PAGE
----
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There is no doubt that Graham (NYSE:GHM), a relatively thinly-traded AMEX stock, has been one of the most volatile of my holdings. It has performed for me on the upside, and I have burned my fingers on this stock more than once. Add Tuesday to that list of burnt fingers!

Graham was purchased in my Trading Account last month, on 10/8/08 at a cost basis per share of $16.34. I sold my first portion of Graham at a 30% gain only five days later on 10/13/08 at $22.37. Tuesday, after the 2nd quarter 2009 earnings report was released, the stock slumped, even though the rest of the market was enjoying an Election Day rally.  As I wrote this, GHM was trading at $15.43, down $5.52 or 26.35% on the day.

I sold my 360 remaining shares of Graham earlier Tuesday morning at $15.441.  This represented a loss of $0.90 or 5.50% from my purchase.

This sale was not at a 16% loss limit as I have discussed in my previous posts that I have been implementing for my remaining five positions.  But this represents my still employed strategy of selling stocks if they break through my purchase cost if I have sold once at a gain, and this is exactly what happened.

Going down to four positions, this entitled me to add a new position, and I did purchase 45 shares of Expeditors International of Washington Inc. (NASDAQ:EXPD) at $40.19/share.

But what I wanted to discuss further was my partial sale of WMS Industries (NYSE:WMS-OLD), sold almost immediately after my Graham sale, but this time on 'good news' due to an appreciation in that stock's price!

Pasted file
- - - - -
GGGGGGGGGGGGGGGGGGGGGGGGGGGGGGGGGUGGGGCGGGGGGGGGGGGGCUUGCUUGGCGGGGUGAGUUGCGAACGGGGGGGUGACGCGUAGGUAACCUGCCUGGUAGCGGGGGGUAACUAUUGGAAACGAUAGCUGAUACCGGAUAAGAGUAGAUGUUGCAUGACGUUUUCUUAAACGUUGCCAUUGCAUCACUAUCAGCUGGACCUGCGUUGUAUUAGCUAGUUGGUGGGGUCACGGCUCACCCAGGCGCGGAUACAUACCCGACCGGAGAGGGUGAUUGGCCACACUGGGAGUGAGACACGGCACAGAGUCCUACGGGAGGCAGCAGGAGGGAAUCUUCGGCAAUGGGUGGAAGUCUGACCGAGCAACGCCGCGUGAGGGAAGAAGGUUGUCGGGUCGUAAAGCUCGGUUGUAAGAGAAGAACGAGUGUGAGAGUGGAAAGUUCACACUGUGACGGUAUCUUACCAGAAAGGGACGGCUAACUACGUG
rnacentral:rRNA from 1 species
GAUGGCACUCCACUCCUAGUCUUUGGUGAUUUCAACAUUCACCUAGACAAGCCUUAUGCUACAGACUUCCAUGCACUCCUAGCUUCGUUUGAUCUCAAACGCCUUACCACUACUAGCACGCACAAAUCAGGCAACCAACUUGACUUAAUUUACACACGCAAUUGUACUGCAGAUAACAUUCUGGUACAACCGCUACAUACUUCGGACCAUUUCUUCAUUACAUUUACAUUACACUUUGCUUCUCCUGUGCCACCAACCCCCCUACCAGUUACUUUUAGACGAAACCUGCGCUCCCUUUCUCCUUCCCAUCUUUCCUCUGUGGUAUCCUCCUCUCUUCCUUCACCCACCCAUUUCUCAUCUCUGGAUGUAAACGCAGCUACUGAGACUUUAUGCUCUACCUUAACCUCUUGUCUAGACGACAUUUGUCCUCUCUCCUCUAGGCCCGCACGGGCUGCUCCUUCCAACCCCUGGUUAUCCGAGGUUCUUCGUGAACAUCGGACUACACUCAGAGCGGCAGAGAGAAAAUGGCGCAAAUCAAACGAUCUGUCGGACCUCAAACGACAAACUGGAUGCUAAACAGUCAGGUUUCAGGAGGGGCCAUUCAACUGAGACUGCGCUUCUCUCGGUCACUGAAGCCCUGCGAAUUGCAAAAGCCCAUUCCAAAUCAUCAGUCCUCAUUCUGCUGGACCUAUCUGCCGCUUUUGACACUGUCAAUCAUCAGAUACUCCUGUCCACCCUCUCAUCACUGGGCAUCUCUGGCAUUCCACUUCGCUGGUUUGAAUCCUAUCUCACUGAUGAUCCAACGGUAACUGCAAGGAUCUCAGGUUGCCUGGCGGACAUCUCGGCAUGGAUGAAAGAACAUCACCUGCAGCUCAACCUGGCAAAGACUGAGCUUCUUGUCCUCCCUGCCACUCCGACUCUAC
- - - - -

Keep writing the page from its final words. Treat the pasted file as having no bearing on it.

WMS Industries was a recent purchase of mine, having acquired 96 shares at a cost basis of $20.12 on 10/28/08.  Tuesday morning I sold 1/7th of my WMS holdings or 13 shares at $26.67. This represented a gain of $6.55 or 32.6% since purchase. My next targeted appreciation point for a sale of 1/7th of my remaining shares would be at a 60% gain or 1.6 x $20.12 = $32.19. On the downside, just like my sale of Graham shares, after a single partial sale at a 30% appreciation level, I sell my shares should they decline or pass through break-even. Thus, remaining shares would be sold if WMS should decline to $20.12.

These two sales demonstrate my philosophy of selling both on bad and good news.  Both of these sales have triggered buys in different fashions.  My Graham sale brought me under my minimum of five positions and I did go ahead and purchase a small position of EXPD (1/2 of the average size of my remaining positions), and now have a 'permission slip' to be adding a sixth position which would be slightly larger, actually at the average size of my remaining holdings.

Disclosure: The author owns WMS and EXPD.

Source: Why I Sold Graham Corporation